In recent years, there has been considerable interest in the role of oxidative stress (or free-radical damage) and how the body responds to inflammation, in the brains of people with Parkinson’s.  These ‘stressor’ factors create an environment which is not conducive to normal function and signs of oxidative damage have been shown to appear long before nerve cells (neurons) actually deteriorate in Parkinson’s

  • Oxidative stress is essentially an imbalance between the production of chemically reactive substances in cells and the ability of the body to counteract or detoxify their harmful effects, resulting in cell damage or cell death.
  • Inflammation is the body’s attempt at self-healing; the aim being to remove harmful substances, including damaged or dying cells, and begin the healing process. When something harmful affects a part of the body, the biological response to try to remove it results in the signs and symptoms of inflammation.

Strong evidence now exists to support abnormal mitochondrial activity and increased oxidative stress, in the cause, development and effects of Parkinson’s. Mitochondria are small structures inside cells that are responsible for energy production. A complex relationship occurs between mitochondria and other cellular processes that affect cell survival, as mitochondria are also the main source of waste products in cells. There is also a plausible link between oxidative damage and the formation of abnormal clumps of protein that are characteristic of Parkinson’s – oxidative damage is believed to play a part in the formation of misfolded alpha-synuclein and prevention of the proper breakdown of this clumped toxic protein.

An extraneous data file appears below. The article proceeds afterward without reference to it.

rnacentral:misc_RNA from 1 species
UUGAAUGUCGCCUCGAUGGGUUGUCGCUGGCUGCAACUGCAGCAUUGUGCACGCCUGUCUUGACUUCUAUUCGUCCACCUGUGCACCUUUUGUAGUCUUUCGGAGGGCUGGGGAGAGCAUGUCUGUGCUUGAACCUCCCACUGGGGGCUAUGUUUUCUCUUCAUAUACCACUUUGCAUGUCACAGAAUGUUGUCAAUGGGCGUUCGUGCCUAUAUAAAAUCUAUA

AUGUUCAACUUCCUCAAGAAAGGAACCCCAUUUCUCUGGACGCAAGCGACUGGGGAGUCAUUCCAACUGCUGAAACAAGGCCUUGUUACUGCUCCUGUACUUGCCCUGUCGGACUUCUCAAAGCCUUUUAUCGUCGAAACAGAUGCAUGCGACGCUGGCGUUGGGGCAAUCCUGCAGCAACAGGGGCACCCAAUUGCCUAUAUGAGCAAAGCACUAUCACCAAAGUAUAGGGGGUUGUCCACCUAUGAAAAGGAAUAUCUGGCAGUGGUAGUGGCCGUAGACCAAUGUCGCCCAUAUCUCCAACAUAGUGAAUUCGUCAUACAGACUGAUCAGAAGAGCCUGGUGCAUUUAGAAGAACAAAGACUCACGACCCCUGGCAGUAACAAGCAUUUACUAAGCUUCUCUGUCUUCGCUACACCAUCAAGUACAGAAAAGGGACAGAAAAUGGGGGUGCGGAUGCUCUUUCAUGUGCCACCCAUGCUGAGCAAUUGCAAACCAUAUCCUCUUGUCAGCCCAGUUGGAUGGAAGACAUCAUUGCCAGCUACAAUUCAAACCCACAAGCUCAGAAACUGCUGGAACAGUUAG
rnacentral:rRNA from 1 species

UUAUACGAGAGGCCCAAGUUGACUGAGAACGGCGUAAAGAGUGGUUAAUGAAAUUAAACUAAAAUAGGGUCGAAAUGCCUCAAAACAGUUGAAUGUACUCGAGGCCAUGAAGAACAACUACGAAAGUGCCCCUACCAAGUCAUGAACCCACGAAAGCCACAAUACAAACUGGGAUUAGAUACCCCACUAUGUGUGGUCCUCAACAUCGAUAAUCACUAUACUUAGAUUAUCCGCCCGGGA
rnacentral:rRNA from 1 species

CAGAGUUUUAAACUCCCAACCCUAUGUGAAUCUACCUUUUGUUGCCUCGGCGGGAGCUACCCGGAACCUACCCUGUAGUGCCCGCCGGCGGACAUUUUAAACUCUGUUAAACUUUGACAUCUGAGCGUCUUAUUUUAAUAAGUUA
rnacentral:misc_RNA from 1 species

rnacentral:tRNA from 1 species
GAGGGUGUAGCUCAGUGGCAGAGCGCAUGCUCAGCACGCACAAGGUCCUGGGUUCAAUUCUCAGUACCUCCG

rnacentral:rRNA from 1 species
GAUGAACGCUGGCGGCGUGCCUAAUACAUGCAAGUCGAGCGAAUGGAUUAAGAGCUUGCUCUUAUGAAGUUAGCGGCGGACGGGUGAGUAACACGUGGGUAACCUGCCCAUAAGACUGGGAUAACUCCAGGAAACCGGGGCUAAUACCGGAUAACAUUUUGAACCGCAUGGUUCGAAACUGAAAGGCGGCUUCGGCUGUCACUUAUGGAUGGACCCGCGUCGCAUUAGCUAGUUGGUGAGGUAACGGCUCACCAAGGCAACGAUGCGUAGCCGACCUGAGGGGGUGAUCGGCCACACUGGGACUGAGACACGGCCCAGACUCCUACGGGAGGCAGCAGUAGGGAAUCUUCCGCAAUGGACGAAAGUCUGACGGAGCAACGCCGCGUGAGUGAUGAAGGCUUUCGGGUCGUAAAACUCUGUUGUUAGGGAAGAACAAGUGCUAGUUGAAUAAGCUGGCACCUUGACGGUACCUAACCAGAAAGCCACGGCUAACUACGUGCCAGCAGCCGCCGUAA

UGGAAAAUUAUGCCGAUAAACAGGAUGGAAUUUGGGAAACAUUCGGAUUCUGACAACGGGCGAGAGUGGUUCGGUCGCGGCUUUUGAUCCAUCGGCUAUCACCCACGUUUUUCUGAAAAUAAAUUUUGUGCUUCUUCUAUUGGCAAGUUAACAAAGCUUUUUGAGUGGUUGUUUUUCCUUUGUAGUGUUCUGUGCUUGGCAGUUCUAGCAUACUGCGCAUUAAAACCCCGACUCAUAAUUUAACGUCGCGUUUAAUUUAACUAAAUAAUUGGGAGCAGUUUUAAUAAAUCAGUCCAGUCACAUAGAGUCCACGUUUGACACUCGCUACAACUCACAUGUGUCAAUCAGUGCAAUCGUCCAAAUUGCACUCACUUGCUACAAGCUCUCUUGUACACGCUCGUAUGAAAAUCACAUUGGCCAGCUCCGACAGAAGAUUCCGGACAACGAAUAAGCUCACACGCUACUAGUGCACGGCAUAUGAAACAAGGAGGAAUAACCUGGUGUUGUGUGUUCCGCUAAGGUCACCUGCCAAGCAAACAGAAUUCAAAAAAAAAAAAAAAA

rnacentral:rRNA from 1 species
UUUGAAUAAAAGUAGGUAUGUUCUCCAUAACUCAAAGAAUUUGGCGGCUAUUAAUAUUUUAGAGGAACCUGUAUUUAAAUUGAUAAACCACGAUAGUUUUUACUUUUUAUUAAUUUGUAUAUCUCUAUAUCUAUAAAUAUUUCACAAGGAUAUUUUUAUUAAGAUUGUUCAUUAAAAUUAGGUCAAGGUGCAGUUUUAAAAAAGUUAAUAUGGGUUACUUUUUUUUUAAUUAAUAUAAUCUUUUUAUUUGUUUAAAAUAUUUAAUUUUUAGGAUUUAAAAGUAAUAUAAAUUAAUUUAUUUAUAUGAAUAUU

There is now a great deal of research going on to explore methods of reducing the inflammation response in an effort to restrict the potential damage inflicted, and this, in turn, has led to a number of clinical trials.


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Webinars

Webinar: Inflammation and Parkinson’s

Held in partnership with the University of Edinburgh and the Journal of Parkinson’s Disease, with Edinburgh University’s Professor Tilo Kunath as chair. This hour-long webinar is for the Parkinson’s…

Microglia

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Time to ROCK-PD

Researchers in Germany are conducting a new phase 2 clinical trial to determine if an existing cardiovascular drug called fasudil, could help people with Parkinson’s.

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Phase 2 clinical trial of dapansutrile for Parkinson’s confirmed

Cure Parkinson’s, in partnership with Van Andel Institute, is delighted to announce funding for a Phase 2 clinical of dapansutrile, an anti-inflammatory drug, to determine whether it can slow…

Research events

Spring Research Update meeting 2024: watch again

Our Spring Research Update Meeting once again took place at the renowned Royal Society of Medicine, Wimpole Street, London where we invited guests to an inspiring agenda of some…

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A Review of Our 2023 Preclinical Projects

In 2023, Cure Parkinson’s has funded five new preclinical projects. These preclinical projects address a wide range of ‘targets’ to understand which drugs and which targets should be further…